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To be honest, I never like shooting the jambs first and then the rest of the car. Many many people do it that way but its just not my preference.  I like to shoot the shell itself. And I shoot the doors, fenders, hood and trunk separate. I like this way because then all your bolts and striker plates don't get paint all over them. Looks much more professional and nice. Always bugs me when door latches and strikers and bolts are painted that aren't supposed to be painted.  Both ways has it advantages and disadvantages.  If you do have to let the car sit for a time before paint, I would shoot it with epoxy primer. If you use the urethane primer it has more of a tendency to attract moisture during sitting if its not top coated. Epoxy primer doesn't attract as much moisture but when you do go to paint it, you will need to sand the whole car to get good tooth. Then re-shoot with epoxy primer/sealer then base then clear.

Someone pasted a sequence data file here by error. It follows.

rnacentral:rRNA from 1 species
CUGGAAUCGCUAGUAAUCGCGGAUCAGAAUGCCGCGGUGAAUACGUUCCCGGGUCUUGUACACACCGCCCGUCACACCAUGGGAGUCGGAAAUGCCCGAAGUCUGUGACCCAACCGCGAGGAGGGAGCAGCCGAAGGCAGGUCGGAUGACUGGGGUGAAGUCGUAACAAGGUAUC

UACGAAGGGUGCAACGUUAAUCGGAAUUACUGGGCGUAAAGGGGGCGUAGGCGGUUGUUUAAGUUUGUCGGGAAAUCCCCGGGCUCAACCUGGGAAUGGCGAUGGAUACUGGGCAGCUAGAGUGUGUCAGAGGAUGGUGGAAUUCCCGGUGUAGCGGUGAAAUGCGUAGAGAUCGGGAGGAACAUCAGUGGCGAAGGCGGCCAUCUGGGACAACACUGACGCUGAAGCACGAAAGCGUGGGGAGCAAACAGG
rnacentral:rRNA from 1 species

But if you wanted to shoot jambs you could. And shoot the window openings. And back side of doors.  You then could pretty much install the entire interior and windows minus trim. But, when you go to paint the rest of the car you will have to be VERY careful taping everything off. Keep soft tape edges at the jambs. Wet sand the edges of the paint and that got on the outer shell, then sealer then base then clear.  Its a lot of extra work.  Would be really nice  to just be able to shoot it now, but I understand your problem with having to move it and painters schedule.